We learned from the expirement that the more wind blades there are, the more the wind blade's lifting capacity for washers (and, by extension, its energy use) will increase.
Our evidence for this claim is that the data and experiment shows that when the wind turbine had three wind blades made of three layers of soft paper, the turbine was only able to carry 12 washers up 30 centimeters (out of a possible 60 centimeters) before crashing in 11.2 seconds. The extra layers of paper on the single blade with craft popsicle sticks attached at an angle for curvature was affecting the turbine, causing it to weigh more and keeping the three wings from turning properly. Our group decided to adjust the layers and number of wings and reconstructed our turbine by turning it into a wind turbine of four wings that only had two layers of paper on each wing. Along with our new design, we kept our craft stick idea since we deemed it useful as the blade was easier to bend, unsing the sticks for certain curvatures. This new idea worked better because then our wind turbine was able to carry 19 washers (249 G) up the full 60 centimeters in 9.1 seconds.
We claimed that the more wind blades there are, the more washers the wind turbine will be able to carry. Here is our explanation for this claim, and the evidenceq we found while testing this claim! Adding more wind blades, as stated on page 6 of the Working With Wind packet, increases the turbine’s efficiency. More efficiency means more washers lifted, and faster! However, the efficiency gain does decrease with each blade added. In the wind packet, they found that going from a 1-bladed design to a 2-bladed design yielded a 6% gain in efficiency, but going from 2 to 3 only yielded 3%. This is, however, still a gain, just a smaller one, Because of this, when we changed the thickness of our blades and added one more, we gained efficiency and lifted 50% more washers (we lifted .249 KG!) over twice the distance (60 centimeters compared to 30) of before. This is our explanation for why adding more wind blades increases the amount of washers lifted.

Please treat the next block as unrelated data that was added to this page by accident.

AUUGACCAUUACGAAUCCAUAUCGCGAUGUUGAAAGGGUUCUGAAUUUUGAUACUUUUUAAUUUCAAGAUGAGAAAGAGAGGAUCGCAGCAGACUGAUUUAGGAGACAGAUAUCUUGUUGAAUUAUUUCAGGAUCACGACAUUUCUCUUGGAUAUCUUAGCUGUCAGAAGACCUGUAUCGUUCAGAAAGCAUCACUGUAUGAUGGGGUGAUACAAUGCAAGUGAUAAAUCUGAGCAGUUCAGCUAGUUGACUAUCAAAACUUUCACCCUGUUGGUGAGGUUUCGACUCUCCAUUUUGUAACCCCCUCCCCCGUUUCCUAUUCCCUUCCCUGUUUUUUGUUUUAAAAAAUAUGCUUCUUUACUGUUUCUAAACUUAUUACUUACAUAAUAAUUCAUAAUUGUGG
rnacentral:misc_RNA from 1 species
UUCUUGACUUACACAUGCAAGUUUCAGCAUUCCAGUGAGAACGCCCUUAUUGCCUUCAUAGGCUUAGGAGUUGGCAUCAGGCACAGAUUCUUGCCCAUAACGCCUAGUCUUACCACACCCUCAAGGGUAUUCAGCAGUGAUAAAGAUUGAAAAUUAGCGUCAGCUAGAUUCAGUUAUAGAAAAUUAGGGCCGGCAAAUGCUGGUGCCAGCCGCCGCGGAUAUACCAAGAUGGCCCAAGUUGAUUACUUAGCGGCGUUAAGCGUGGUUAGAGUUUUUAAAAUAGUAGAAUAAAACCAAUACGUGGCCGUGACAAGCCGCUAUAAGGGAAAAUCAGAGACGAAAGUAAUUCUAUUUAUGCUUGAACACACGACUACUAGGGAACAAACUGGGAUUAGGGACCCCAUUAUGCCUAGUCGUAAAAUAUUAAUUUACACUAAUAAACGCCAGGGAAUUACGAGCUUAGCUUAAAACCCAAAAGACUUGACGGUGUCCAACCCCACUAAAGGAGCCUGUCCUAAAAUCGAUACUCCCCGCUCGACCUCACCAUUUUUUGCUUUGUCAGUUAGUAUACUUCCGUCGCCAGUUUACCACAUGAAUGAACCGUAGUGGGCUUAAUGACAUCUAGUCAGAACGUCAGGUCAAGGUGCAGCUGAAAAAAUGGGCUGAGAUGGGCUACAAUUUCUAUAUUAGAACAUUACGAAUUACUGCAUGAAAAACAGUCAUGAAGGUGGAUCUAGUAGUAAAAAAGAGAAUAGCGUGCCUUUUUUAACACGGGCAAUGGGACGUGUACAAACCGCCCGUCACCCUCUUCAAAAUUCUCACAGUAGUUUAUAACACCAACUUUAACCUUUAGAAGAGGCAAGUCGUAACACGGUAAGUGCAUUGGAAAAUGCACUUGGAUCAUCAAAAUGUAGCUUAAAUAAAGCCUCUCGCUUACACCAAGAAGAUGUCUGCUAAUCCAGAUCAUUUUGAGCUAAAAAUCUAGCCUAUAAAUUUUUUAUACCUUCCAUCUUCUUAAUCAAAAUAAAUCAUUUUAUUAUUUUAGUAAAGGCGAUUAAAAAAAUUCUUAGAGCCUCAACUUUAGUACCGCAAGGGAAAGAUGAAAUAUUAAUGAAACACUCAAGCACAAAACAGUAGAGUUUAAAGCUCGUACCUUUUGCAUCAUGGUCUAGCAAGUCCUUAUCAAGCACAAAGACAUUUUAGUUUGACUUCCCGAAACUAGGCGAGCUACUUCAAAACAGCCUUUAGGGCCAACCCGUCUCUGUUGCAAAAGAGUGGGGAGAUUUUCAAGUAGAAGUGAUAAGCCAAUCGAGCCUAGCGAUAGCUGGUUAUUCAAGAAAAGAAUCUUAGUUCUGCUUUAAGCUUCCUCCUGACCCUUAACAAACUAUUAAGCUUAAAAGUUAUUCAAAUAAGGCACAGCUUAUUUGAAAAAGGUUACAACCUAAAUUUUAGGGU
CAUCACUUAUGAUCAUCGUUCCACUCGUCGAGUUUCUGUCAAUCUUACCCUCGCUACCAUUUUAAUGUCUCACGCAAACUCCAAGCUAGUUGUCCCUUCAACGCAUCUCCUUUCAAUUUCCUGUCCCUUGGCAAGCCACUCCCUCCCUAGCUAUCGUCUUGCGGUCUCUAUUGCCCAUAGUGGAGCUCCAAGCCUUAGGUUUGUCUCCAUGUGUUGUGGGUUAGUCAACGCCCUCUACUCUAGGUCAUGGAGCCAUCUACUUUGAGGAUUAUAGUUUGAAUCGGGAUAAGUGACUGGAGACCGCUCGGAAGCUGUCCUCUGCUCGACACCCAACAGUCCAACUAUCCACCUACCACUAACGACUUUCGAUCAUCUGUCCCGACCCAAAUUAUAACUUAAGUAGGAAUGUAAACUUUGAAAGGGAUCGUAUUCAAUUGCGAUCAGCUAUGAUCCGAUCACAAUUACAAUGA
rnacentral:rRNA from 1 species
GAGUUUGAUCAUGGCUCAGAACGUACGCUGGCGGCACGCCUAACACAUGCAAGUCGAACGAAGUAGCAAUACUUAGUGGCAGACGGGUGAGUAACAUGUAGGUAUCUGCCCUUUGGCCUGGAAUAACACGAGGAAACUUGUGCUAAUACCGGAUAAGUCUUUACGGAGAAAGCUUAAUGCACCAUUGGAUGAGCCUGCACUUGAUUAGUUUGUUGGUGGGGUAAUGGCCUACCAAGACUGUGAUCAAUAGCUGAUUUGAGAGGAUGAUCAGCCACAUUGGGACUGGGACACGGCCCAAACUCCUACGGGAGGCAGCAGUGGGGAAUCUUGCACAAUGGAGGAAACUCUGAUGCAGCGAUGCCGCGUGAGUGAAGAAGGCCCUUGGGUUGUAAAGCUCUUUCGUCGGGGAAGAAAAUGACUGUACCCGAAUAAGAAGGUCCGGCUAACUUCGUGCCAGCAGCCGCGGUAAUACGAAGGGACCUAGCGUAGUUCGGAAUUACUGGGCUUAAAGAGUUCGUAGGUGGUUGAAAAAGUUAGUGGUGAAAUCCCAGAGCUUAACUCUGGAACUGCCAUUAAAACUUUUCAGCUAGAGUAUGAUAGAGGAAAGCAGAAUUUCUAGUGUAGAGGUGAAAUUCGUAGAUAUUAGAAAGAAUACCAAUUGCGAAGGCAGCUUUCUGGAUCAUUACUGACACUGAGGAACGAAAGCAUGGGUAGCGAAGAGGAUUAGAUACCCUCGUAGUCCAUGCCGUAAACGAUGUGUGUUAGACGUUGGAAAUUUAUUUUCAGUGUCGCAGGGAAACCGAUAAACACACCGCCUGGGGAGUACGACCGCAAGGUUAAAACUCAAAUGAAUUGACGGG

One error that we encountered during our design process was our original model’s size. When we started out, we did not have an idea of how big or small we wanted our wind turbine to be and evidently, it turned out to be quite smaller than the average working wind turbine. We also used craft sticks to poke through the top and bottom parts of the wind turbine as it was difficult to curve the turbine normally due to its small size. We decided to go along with our first design but it failed to turn and cycle during our tests. This original model was not able to gather enough energy to turn or lift any washers. From this error and subsequent rethinking, we were able to get a better idea of what size our new design's blade sizes should be.
This was our final model and the blades were 37.8 cm long. We had 4 blades so that the blades captured more air instead of just letting it pass through. The curvature made it so the wind would be able to pass by and push it to turn. The curve helped it lift or take off and we knew this because of airplanes, and what it said in the Working With Wind packet. On the underside of an airplane the wing is curved. By adding another blade it took pressure off the others ones when it started to turn.
We made the blade large because our first design was small and the wind from the fan didn't pick it up. We approximately doubled the size of our model from the original. Our original model did not turn at all because it was being blown backwards instead of turning due to its small size and little curvature in the wind blades.